Parenting an Anxious Child Through a Divorce

Many children have anxiety that gets in the way of everyday functioning, and some of those children have parents who will divorce.  While all kids will face problems during a divorce, these issues can be even worse for children already struggling with anxiety, and these issues can mark a particularly critical point in a child’s emotional and social development.

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Holiday Tips for Anxious Kids

Holidays are considered a time for cheer, celebration, and relaxation, but they also involve a lot of change in routine and new situations.  This can be particularly hard for children with anxiety, making it difficult for them to feel comfortable and fully enjoy themselves.  To better prepare for the holiday season, we’ve included some tips for youth with anxiety below:

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Coming From a Place of Care

As the school year progresses, you may notice your child’s assignments getting larger or more complex. Exams and projects can add to your student’s workload and make life more stressful in ways that affect the whole family. All children experience challenges with certain assignments, but if you notice a pattern of frustration or stress related to homework on a regular basis, it might be time to check in with your child.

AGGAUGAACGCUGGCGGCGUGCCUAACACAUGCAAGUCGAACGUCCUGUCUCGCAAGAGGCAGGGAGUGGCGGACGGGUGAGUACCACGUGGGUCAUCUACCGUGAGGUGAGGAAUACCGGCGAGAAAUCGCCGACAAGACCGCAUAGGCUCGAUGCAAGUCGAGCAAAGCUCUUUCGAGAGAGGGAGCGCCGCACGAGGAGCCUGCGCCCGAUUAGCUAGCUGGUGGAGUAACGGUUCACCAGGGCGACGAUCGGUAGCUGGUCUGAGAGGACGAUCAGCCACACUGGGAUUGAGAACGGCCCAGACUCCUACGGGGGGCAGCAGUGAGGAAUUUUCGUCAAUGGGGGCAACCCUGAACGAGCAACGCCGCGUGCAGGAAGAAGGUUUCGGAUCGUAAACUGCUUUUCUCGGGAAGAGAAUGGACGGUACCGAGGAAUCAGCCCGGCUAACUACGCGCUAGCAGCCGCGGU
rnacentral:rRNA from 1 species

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Navigating new school year fears

As the school year rolls back around, you may notice your child expressing reluctance in returning to school. Not to worry, this protest is very normal. In fact, up to 25% of school-age children typically express some sort of school resistance. Often the issues are minor, but for a small fraction of students something more serious may be going on.

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When Doing Their Best Gets in Your Child’s Way

Parents know how hard it is to get kids to do their homework. We struggle, giving them a w-i-d-e berth for autonomy, while resisting the urge to make them just sit down and get it done. (As if someone could make a kid do anything they don’t want to do!) It’s a balancing act many of us struggle with and often feel we fail at.

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Strengthening Parenting Builds Family Resilience

Supportive relationships create a foundation of resilience for all members of a family. When working with children and families, I find it helpful to highlight that resilience is not the absence of stress or challenges, but rather a family’s capacity to adapt and thrive when stressful situations arise. 

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